Principles of Weight Training (Part Three)

In this third and final section, Id like to focus on what I call the Essential Keys to Training Success. These essential keys include Nutrition, Consistency, Intensity, Sleep and Attitude. Keep in mind what "essential" means. Must have. Not an option. Do or die.

Each key will open only one of five doors. To achieve success you have to open all five doors. The benefits of each key add up to something not possible to attain using any one of the keys independently without the others. The sum of all the parts does not equal the whole. Try taking a motorcycle apart piece by piece. Lay all the pieces on the floor. Now try and take them all for a ride. See what I mean!

The First Key is NUTRITION

Nutrition involves the consumption of the elements essential to life and conducive to optimum function. These include light, air, water and food. Food is basically composed of macronutrients (carbohydrates, fats and proteins) and micronutrients (vitamins, minerals, trace elements, enzymes) and various components such as fiber, chlorophyll, alkaloids, lactones, glycosides, etc. Whole foods provide an organic source of thousands of unique naturally occurring nutrients and phytonutrients that interact with the structure and immune function of the body. This is why it is so important to be aware of the influence of food and to understand how it relates to our health and performance.

Resistance training is a form of mental and physical stress, which generates increased demands on the entire system. Training intensity and frequency are two determinants that determine calorie needs and nutrient requirements. More protein, for example, is required if you are trying to increase muscle size and strength. Most bodybuilders and strength athletes consume at least 1 gram of protein per pound of bodyweight as a minimum standard, although it is more accurate to base protein requirements on lean mass. Depending on your athletic class, I recommend 1.5-3.0 gm of high-quality protein per kg of lean mass per day. The objective regardless of training format or goals is to maintain a positive nitrogen balance. This is where meal replacements, protein shakes and sports bars can come in handy.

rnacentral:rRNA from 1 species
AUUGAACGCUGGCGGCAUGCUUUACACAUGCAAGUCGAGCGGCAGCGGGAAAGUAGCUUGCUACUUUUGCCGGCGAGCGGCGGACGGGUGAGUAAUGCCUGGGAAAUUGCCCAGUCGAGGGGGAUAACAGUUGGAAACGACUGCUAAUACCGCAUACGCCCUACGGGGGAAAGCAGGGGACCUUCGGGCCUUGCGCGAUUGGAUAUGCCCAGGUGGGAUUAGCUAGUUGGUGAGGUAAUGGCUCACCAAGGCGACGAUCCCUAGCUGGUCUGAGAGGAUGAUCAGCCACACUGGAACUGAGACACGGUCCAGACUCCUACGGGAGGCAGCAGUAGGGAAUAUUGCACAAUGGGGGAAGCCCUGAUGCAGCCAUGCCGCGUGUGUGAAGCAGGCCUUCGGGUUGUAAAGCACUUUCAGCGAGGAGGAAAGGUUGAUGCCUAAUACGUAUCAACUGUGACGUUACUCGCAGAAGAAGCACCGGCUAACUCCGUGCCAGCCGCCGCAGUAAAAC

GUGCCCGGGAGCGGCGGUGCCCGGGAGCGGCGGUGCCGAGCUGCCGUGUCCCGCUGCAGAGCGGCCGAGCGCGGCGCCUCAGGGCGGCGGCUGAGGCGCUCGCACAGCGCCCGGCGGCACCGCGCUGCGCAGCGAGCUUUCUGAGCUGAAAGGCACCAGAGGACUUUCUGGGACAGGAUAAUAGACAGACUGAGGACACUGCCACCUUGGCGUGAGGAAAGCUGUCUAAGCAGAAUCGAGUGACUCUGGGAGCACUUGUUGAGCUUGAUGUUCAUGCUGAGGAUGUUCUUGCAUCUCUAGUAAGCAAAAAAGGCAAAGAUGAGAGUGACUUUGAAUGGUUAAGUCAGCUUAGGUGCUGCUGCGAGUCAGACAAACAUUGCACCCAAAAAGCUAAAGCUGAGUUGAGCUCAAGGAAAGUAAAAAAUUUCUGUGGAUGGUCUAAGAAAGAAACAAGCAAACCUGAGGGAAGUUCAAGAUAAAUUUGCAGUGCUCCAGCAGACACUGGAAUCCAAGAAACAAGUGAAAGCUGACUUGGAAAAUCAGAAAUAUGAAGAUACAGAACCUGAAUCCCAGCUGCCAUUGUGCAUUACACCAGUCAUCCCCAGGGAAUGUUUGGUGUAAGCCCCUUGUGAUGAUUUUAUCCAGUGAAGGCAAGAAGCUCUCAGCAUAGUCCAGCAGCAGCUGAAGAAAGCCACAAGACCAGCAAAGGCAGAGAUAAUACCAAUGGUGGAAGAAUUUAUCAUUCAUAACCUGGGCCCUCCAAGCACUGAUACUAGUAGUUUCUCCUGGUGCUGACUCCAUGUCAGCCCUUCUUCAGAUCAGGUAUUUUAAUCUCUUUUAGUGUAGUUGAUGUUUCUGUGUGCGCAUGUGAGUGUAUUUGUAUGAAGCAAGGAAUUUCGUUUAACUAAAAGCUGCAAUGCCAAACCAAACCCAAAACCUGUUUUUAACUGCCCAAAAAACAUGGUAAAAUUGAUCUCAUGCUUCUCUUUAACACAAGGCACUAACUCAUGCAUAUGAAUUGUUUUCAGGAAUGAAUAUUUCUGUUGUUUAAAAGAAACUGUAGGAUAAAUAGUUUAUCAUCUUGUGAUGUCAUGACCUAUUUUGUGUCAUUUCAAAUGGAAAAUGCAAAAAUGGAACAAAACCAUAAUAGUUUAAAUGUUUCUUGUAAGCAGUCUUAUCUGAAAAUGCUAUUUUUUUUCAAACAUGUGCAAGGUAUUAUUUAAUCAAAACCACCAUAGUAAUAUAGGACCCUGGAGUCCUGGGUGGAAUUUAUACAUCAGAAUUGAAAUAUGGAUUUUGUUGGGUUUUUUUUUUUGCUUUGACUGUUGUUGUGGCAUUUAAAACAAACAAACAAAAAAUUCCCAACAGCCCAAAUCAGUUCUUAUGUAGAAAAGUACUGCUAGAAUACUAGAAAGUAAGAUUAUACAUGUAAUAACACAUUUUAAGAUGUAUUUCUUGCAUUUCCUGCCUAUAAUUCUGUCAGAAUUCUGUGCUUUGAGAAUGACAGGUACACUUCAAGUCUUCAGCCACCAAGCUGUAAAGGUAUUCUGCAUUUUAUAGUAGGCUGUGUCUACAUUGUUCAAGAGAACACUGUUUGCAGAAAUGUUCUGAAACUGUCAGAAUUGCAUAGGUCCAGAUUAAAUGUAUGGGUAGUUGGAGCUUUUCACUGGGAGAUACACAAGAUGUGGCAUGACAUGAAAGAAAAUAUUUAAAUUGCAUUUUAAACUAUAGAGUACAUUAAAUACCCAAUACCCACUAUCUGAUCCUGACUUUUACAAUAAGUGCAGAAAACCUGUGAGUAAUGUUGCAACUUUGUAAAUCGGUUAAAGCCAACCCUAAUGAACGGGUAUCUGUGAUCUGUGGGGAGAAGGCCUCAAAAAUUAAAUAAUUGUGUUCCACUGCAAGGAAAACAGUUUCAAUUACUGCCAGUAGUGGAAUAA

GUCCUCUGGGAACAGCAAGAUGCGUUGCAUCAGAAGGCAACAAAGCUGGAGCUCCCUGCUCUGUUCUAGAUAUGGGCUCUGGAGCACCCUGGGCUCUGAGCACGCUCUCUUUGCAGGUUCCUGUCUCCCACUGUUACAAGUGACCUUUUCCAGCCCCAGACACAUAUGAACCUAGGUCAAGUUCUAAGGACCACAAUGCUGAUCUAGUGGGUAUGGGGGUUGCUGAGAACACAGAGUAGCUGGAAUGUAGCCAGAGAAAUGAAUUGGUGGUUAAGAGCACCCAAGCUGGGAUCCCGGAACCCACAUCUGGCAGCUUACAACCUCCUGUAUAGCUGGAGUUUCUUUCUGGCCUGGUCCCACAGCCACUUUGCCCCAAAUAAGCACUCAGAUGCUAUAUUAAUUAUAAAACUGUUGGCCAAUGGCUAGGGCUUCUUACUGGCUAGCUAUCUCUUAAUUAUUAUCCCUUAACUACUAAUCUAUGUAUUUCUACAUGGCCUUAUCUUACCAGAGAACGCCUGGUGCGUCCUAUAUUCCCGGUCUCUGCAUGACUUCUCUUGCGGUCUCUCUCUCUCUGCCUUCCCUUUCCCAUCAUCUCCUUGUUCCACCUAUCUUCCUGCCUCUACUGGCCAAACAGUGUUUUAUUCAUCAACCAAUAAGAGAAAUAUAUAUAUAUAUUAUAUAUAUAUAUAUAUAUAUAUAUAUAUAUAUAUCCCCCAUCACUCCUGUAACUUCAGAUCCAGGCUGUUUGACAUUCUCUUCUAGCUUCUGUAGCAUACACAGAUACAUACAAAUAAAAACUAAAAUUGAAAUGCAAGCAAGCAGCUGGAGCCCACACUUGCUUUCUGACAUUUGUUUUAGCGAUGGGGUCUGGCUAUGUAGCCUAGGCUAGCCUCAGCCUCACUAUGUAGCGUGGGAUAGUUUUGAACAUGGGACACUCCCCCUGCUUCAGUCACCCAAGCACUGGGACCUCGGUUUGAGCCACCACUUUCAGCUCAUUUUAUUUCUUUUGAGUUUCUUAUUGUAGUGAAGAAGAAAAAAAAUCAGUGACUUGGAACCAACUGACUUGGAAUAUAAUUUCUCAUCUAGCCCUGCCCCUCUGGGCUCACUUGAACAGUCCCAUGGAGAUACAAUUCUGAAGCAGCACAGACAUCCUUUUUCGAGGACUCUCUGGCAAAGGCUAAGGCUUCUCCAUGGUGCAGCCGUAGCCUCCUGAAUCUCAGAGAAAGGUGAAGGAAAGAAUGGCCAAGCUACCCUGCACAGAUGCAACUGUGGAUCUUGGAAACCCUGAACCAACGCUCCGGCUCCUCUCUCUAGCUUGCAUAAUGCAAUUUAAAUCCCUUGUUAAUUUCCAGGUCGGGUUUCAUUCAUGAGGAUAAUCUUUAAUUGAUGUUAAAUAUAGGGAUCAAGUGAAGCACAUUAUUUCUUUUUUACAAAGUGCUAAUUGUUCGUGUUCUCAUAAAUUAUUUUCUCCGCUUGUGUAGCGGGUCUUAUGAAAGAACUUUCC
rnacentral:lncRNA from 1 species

The second key is INTENSITY

Intensity is a loose term. It means different things to different people. Some think of intensity as maximum physical effort or equate it with achieving a state of 100 percent momentary exertion. Others associate it with temporary exhaustion or what it takes to cause a certain muscle or group of muscles to fail.

Intensity of training refers to how hard you work out or the difficulty of your training. It can be defined as the average amount of weight lifted or described as a percentage of how much weight you can lift for one repetition. Intensity has also been used to define the magnitude of the load employed, while others define it as the rate of the actual work performed.

All out effort forces the body to compensate by increasing the dimension of individual muscle fibers or the force they can generate via neurological activation when they are called upon to contract through recruitment. This is how the body adapts to the stress of training, provided it is adequately rested and supplied with the raw materials required for adaptation. Going through the motions does not challenge the body, so no additional positive changes will occur. Athletes must train and live progressively if they expect to improve performance.

The third key is CONSISTENCY

To derive any benefit from the effects of training you have to actually workout and train, so the first rule is youメve got to get to the gym! Ideally, your workouts should be strategically planned and viewed as a top priority, not just for building or toning muscle, but for the maintenance of health and the security of well-being. Each of us has an inner athlete locked into our DNA just waiting to be expressed and part of what drives us forward is the acknowledgement of this fact!